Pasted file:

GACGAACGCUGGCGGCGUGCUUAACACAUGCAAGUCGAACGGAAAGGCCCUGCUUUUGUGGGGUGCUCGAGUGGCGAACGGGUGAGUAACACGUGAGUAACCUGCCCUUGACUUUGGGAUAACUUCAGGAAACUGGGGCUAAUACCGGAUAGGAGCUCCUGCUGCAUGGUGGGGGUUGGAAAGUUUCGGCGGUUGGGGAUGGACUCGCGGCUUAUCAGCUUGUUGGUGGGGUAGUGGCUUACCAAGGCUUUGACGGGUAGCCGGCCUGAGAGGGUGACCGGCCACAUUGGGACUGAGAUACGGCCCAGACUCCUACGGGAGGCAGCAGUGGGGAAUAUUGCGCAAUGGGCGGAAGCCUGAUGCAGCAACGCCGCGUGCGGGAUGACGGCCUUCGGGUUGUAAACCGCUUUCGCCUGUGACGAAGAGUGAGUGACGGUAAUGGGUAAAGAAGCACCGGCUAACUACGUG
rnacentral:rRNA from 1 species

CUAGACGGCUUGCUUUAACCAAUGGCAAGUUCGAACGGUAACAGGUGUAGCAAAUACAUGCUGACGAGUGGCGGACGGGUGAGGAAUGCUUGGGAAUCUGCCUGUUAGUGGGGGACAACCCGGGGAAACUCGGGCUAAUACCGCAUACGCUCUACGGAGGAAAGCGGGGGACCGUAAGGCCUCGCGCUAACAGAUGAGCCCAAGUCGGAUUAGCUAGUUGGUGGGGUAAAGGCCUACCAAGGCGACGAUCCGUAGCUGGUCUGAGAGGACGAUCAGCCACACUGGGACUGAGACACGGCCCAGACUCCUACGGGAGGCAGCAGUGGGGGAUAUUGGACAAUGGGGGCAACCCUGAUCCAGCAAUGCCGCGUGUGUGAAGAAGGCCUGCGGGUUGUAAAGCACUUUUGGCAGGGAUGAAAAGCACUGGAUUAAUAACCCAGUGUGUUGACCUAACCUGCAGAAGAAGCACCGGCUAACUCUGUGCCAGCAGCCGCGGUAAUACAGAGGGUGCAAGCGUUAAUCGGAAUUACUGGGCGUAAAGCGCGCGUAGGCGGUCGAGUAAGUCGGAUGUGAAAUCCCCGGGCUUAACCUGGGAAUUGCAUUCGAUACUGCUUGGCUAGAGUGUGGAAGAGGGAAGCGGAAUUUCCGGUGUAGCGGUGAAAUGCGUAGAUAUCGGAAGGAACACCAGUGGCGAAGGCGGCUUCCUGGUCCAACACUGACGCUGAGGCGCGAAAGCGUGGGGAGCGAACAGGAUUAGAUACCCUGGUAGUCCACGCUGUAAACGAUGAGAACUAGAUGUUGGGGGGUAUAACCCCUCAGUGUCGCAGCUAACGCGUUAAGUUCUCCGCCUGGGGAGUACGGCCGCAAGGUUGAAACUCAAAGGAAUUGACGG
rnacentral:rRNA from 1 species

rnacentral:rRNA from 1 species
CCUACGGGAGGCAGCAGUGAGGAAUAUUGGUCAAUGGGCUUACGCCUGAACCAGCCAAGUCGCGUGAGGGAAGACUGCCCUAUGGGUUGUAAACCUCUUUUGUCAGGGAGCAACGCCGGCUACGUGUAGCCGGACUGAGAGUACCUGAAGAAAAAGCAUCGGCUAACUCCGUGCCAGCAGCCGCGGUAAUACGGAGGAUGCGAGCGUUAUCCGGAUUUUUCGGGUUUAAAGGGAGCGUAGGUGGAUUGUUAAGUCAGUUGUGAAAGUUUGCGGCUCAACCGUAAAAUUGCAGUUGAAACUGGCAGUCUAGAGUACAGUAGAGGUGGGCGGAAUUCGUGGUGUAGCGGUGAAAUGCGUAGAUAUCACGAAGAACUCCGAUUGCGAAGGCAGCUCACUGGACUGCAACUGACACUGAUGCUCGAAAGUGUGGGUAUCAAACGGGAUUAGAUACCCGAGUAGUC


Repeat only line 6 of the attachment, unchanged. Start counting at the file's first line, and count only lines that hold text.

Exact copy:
CCUACGGGAGGCAGCAGUGAGGAAUAUUGGUCAAUGGGCUUACGCCUGAACCAGCCAAGUCGCGUGAGGGAAGACUGCCCUAUGGGUUGUAAACCUCUUUUGUCAGGGAGCAACGCCGGCUACGUGUAGCCGGACUGAGAGUACCUGAAGAAAAAGCAUCGGCUAACUCCGUGCCAGCAGCCGCGGUAAUACGGAGGAUGCGAGCGUUAUCCGGAUUUUUCGGGUUUAAAGGGAGCGUAGGUGGAUUGUUAAGUCAGUUGUGAAAGUUUGCGGCUCAACCGUAAAAUUGCAGUUGAAACUGGCAGUCUAGAGUACAGUAGAGGUGGGCGGAAUUCGUGGUGUAGCGGUGAAAUGCGUAGAUAUCACGAAGAACUCCGAUUGCGAAGGCAGCUCACUGGACUGCAACUGACACUGAUGCUCGAAAGUGUGGGUAUCAAACGGGAUUAGAUACCCGAGUAGUC